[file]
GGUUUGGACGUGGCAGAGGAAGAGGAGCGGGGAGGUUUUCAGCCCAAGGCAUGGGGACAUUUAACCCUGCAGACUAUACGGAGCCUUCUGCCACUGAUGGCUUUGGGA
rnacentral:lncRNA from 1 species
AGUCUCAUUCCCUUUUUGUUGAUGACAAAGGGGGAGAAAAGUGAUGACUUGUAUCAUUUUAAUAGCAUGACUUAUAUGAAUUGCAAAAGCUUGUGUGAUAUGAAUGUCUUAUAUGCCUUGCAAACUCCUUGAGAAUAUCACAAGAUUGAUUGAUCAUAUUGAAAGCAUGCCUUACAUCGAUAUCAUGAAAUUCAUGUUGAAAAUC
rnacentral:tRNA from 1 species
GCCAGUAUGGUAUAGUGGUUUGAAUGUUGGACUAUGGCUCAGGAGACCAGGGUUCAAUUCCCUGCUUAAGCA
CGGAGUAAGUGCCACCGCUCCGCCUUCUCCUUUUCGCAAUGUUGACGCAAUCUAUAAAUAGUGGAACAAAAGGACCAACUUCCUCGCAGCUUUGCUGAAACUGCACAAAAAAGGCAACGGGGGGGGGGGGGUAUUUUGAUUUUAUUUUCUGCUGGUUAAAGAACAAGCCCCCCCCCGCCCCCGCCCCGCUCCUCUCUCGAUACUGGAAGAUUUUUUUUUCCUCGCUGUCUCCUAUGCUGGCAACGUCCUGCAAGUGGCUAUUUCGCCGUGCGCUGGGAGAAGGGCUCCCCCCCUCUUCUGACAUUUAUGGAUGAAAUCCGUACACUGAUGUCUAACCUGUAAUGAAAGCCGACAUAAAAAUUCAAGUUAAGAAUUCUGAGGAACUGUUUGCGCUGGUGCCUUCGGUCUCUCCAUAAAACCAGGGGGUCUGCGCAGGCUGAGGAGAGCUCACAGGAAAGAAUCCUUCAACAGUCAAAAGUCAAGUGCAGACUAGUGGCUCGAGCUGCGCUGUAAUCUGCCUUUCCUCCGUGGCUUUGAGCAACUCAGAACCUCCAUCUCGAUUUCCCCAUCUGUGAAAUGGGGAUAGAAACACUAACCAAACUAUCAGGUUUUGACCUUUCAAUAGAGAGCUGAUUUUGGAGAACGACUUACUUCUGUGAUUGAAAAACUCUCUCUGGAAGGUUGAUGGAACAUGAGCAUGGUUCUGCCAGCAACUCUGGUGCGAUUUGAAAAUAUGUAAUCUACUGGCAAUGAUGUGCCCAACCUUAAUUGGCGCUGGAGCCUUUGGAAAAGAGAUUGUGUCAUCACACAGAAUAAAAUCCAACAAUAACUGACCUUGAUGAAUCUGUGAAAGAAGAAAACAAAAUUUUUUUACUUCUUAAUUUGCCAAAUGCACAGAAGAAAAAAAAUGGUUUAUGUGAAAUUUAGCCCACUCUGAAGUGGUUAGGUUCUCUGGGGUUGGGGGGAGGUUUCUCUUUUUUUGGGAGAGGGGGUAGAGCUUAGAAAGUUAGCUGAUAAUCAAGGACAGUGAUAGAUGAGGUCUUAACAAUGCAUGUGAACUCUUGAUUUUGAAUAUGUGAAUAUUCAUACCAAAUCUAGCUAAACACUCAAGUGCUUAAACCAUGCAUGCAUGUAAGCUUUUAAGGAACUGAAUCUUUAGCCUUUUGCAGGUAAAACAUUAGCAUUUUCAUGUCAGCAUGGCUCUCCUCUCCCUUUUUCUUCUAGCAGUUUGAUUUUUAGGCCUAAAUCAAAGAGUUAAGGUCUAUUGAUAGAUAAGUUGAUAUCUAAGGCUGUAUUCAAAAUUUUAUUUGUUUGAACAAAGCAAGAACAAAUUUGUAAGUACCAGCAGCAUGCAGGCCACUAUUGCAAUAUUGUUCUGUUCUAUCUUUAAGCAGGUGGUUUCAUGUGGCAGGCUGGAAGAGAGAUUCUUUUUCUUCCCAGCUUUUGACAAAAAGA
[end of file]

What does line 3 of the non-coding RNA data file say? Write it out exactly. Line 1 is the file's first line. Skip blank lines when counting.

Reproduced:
AGUCUCAUUCCCUUUUUGUUGAUGACAAAGGGGGAGAAAAGUGAUGACUUGUAUCAUUUUAAUAGCAUGACUUAUAUGAAUUGCAAAAGCUUGUGUGAUAUGAAUGUCUUAUAUGCCUUGCAAACUCCUUGAGAAUAUCACAAGAUUGAUUGAUCAUAUUGAAAGCAUGCCUUACAUCGAUAUCAUGAAAUUCAUGUUGAAAAUC